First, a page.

Journos and media execs have been crisscrossing the Tasman for years. Kiwi cartoonists including The Sydney Morning Herald’s Alan Moir are household names. But Emmerson is a rare beast – an Aussie cartoonist who has moved here.
He had worked out of provincial Rockhampton drawing for APN daily papers in Queensland while selling images to non-competing titles in Australia, the US and Europe. He was poached by APN’s New Zealand Herald.
“Other cartoonists asked what I was doing when nothing happens in New Zealand. But they were wrong – it’s a very newsworthy country and it plugs into the rest of the world very well,” Emmerson told Mediaweek.
After 14 years at the country’s biggest paper, Emmerson has built a strong profile. Initially Kiwi cartoonists did not like the Australian taking the Herald role.
“I played that with a straight bat and let my work speak for itself. I did not get into fights and ignored the smartarse comments,” he says.
He says that New Zealand audience has a “dark and intellectual” humour that is different from Australians.
“You have to look to John Clarke – where it is about satire – humour’s ugly brother.
“It’s hard to feel homesick when you are only three hours’ flight way.”
In cartooning, he laments what he says is a trend in Australia to copy the US and become divided into left- and right-wing camps.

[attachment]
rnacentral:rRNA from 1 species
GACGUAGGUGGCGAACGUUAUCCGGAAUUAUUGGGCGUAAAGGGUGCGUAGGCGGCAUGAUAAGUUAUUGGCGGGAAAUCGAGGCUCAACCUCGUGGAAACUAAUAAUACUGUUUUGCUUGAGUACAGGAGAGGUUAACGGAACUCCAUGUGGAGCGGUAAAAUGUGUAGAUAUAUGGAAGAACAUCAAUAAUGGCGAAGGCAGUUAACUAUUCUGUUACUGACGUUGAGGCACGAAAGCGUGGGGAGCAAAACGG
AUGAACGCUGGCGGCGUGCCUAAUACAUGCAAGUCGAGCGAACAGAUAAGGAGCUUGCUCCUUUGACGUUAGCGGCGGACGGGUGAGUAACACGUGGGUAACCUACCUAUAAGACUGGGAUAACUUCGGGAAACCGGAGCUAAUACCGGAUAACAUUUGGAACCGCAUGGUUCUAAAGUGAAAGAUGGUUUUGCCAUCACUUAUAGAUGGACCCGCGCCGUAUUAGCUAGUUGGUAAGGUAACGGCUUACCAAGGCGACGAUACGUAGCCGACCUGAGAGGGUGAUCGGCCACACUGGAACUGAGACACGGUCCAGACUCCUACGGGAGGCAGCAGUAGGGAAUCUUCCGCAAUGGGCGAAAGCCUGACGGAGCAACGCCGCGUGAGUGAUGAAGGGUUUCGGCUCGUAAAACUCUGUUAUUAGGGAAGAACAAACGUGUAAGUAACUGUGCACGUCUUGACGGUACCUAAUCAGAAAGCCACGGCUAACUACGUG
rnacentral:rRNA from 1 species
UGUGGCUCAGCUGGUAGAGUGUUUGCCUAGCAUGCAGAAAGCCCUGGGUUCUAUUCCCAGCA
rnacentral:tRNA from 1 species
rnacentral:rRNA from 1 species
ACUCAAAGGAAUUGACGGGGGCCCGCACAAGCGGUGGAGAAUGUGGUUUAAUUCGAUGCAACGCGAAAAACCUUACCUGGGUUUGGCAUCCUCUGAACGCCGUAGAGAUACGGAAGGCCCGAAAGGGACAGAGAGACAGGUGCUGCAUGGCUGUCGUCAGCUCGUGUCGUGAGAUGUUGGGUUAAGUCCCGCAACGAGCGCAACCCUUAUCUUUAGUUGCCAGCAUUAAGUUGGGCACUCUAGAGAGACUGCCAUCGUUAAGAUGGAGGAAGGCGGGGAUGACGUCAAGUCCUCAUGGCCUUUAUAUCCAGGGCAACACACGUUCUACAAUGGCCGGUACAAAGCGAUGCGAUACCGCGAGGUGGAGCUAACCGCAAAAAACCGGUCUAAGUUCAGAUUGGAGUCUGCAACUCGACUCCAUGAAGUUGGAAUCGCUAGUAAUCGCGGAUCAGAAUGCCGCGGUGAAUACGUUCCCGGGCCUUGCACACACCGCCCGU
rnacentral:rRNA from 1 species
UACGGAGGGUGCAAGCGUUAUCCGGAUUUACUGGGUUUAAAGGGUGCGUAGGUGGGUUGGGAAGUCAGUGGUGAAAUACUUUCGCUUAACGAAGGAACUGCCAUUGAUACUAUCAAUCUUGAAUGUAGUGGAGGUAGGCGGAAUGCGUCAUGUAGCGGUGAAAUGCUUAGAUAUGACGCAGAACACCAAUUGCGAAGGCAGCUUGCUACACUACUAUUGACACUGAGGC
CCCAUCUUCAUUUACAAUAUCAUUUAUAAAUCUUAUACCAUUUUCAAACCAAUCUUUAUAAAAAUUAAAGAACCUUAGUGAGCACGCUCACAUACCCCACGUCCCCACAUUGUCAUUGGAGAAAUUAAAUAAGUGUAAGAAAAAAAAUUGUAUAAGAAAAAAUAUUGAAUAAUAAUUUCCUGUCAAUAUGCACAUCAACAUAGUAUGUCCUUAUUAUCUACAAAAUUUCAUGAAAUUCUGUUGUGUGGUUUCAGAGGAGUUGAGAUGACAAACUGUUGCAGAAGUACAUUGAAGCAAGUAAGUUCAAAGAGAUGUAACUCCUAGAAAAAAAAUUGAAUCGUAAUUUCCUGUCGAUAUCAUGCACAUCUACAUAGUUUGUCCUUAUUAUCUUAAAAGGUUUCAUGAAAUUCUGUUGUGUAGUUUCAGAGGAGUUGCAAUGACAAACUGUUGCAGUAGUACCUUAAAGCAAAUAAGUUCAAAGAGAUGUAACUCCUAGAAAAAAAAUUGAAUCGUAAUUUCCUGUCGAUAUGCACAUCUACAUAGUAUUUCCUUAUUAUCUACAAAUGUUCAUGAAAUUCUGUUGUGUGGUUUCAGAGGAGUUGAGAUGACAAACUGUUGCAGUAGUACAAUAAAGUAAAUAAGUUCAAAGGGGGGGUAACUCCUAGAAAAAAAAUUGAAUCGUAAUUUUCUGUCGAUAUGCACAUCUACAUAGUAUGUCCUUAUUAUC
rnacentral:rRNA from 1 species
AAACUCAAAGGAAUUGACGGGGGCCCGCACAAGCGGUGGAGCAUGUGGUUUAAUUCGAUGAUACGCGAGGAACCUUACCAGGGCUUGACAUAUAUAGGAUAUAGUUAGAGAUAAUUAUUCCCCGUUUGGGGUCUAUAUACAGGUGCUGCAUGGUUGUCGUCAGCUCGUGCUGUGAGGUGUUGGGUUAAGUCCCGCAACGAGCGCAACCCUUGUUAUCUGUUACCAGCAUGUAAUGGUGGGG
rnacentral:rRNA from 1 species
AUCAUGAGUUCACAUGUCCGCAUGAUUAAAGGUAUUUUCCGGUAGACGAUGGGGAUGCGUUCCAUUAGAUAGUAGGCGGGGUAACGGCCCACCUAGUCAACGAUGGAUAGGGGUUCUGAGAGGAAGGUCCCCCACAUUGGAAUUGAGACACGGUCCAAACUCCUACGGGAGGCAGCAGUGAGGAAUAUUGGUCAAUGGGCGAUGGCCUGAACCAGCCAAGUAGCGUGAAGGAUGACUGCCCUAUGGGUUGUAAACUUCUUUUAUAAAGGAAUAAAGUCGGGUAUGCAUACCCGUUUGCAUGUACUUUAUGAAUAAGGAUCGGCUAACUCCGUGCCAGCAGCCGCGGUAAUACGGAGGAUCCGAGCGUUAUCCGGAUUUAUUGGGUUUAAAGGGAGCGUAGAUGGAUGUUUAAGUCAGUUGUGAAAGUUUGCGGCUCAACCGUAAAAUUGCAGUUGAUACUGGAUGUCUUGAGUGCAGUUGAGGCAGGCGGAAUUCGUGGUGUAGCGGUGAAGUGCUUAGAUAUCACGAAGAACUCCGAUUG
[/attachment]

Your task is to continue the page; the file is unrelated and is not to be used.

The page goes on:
“That is what happened with Bill Leak,” he says.
Emmerson and Leak were friends. He admired his courage, though he said he would not have drawn some of the cartoons Leak did. He believed that Leak had made a mistake. “You follow the news and the story and you don’t become part of the story.
“That is probably the one place where Bill got it wrong. He was a very passionate guy. But I don’t think he should have become the story,” he says.
There is always the danger the publisher might want to do that, he said and a cartoonist had to be aware of that. “I think there is nothing in it for cartoonists,” he added.
“I like being a loose cannon accused of being both left-wing and right-wing.
“It keeps them guessing,” he says.
Image: Emmerson’s controversial cartoon of Australian rugby coach Michael Cheika from the front page of The New Zealand Herald on the day the Wallabies played the All Blacks last October